- What famous restaurant brand is missing from that area?
- What’s the financial stability of the particular franchisor?
- Is the brand fit for your vision of a restaurant?
- Do the franchisor and you share similar values?
- How involved is the franchisor going to be?
- What type of franchise model do you want to go ahead with?
Ask them questions
Buying a food franchise is a huge investment and commitment. Make sure you ask all the right questions to the franchisor. No question is too small or too big! A few to begin with are:
- Are payments royalty based or commission based?
- What level of support and training will you get from them?
- What are the terms and conditions?
- What is their Standard Operating Procedure? (SOP)
- Who is their competition?
- Who are their partners or allies?
- What is the restaurant brand’s long term vision?
Get a lawyer on board
When buying a franchise, there’s going to be a lot of paperwork and negotiation. Make sure you have a lawyer on board to help you navigate the details and cross-check paperwork. The less you have to worry about the legal work, the more you can concentrate on getting other resources (such as locations, staff, funds) in action.
Get into negotiations & finalise the deal
This is the time to ask any final questions before making things official. Further with legal assistance and a consultant to support you, you can put forward arguments to get the best deal.
Now get ready for the action mode as all that’s left is to set up and open the doors for your customers.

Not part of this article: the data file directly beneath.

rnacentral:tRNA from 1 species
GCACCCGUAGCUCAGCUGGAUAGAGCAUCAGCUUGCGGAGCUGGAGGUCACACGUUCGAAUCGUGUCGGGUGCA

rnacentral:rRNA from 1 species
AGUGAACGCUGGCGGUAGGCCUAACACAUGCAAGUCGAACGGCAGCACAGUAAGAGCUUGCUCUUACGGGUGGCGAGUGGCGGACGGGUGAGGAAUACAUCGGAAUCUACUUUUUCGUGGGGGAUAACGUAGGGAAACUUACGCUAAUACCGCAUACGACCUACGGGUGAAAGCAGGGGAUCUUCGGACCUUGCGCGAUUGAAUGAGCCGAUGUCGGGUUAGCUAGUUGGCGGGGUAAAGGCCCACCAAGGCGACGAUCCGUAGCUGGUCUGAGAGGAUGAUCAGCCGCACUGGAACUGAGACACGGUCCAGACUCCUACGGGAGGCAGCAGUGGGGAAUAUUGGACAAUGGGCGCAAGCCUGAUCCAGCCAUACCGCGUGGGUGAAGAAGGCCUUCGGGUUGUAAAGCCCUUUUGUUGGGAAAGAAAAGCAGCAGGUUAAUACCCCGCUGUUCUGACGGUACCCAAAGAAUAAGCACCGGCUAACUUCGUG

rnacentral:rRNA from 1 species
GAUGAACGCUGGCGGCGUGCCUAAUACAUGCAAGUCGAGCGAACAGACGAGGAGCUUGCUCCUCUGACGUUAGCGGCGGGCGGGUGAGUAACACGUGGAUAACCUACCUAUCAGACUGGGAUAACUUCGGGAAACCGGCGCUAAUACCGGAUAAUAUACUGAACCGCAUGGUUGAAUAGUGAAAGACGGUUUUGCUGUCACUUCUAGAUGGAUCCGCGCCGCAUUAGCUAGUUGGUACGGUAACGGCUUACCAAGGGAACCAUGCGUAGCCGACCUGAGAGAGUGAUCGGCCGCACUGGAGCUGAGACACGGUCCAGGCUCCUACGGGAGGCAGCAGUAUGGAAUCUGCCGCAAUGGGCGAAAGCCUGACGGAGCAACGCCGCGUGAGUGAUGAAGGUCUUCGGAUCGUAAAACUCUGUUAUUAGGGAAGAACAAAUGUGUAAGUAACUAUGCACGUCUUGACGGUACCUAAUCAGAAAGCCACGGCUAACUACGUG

Starting a new food business vs. franchising
Getting a restaurant franchise is definite yes for those who don’t have the time, budget or experience to start from scratch. Here’s why:
The minimum amount that you can start with is rupees 5 lakh. This gives you a neat window to enter the market and expand as you grow. Whereas, setting up your own brand requires a significant more investment especially in developing a menu, marketing, and advertising.
Your franchisor already has established brand value, that’s what they charge royalty fee or commission for. They’re easily recognizable and have an existing demand that you can build on in your area.
Sales from the start
With operational support, a strong existing menu and marketing strategy. Your franchisor can set you up for orders since Day 1. Though growing from there on will require your hard work too.
Support from experts
When taking up a food franchise, most franchisors provide you with training support, operational guidelines and sometimes even with equipment and other brand requirements. So that you work on a formula that’s already hit in the market and have experts to reach out to in case of queries.
Here are some questions that can help you decide:
- Are you up for a big financial risk?
- Do you have good marketing support?
- Do you have the patience to wait for positive results?
- Do you like taking risks?
- Do you have a concept that will stand out?
- Do you have a dedicated team to build something from the ground up?
If these answers are mostly yes, then you are ready to start a restaurant. Otherwise, taking up a franchise will be your safest option with a guarantee of steady income.
The next steps
We hope this guide answered your questions with food franchising. And that you’re all set to make a well-informed decision. Need help in contacting a brand or have further questions? We’d be happy to help you on your journey.
Good luck in your search!